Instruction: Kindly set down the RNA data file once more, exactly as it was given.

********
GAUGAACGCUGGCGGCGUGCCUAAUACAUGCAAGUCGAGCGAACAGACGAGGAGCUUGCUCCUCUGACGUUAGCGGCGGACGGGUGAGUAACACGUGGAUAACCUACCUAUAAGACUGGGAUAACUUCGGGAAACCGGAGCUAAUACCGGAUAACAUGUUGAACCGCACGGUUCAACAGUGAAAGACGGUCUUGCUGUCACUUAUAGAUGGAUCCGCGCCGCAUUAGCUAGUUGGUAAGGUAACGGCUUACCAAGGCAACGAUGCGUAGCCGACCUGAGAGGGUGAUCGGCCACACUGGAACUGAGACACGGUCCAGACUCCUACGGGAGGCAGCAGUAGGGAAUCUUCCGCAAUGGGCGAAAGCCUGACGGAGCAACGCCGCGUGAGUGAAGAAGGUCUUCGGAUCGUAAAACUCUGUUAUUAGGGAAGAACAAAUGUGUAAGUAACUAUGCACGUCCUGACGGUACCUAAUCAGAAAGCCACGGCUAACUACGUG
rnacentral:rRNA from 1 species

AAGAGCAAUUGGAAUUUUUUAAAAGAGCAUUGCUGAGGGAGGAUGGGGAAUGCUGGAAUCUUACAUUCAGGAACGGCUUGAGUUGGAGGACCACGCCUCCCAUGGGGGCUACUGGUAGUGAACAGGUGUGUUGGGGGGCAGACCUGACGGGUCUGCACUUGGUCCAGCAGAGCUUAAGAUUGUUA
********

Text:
GAUGAACGCUGGCGGCGUGCCUAAUACAUGCAAGUCGAGCGAACAGACGAGGAGCUUGCUCCUCUGACGUUAGCGGCGGACGGGUGAGUAACACGUGGAUAACCUACCUAUAAGACUGGGAUAACUUCGGGAAACCGGAGCUAAUACCGGAUAACAUGUUGAACCGCACGGUUCAACAGUGAAAGACGGUCUUGCUGUCACUUAUAGAUGGAUCCGCGCCGCAUUAGCUAGUUGGUAAGGUAACGGCUUACCAAGGCAACGAUGCGUAGCCGACCUGAGAGGGUGAUCGGCCACACUGGAACUGAGACACGGUCCAGACUCCUACGGGAGGCAGCAGUAGGGAAUCUUCCGCAAUGGGCGAAAGCCUGACGGAGCAACGCCGCGUGAGUGAAGAAGGUCUUCGGAUCGUAAAACUCUGUUAUUAGGGAAGAACAAAUGUGUAAGUAACUAUGCACGUCCUGACGGUACCUAAUCAGAAAGCCACGGCUAACUACGUG
rnacentral:rRNA from 1 species

AAGAGCAAUUGGAAUUUUUUAAAAGAGCAUUGCUGAGGGAGGAUGGGGAAUGCUGGAAUCUUACAUUCAGGAACGGCUUGAGUUGGAGGACCACGCCUCCCAUGGGGGCUACUGGUAGUGAACAGGUGUGUUGGGGGGCAGACCUGACGGGUCUGCACUUGGUCCAGCAGAGCUUAAGAUUGUUA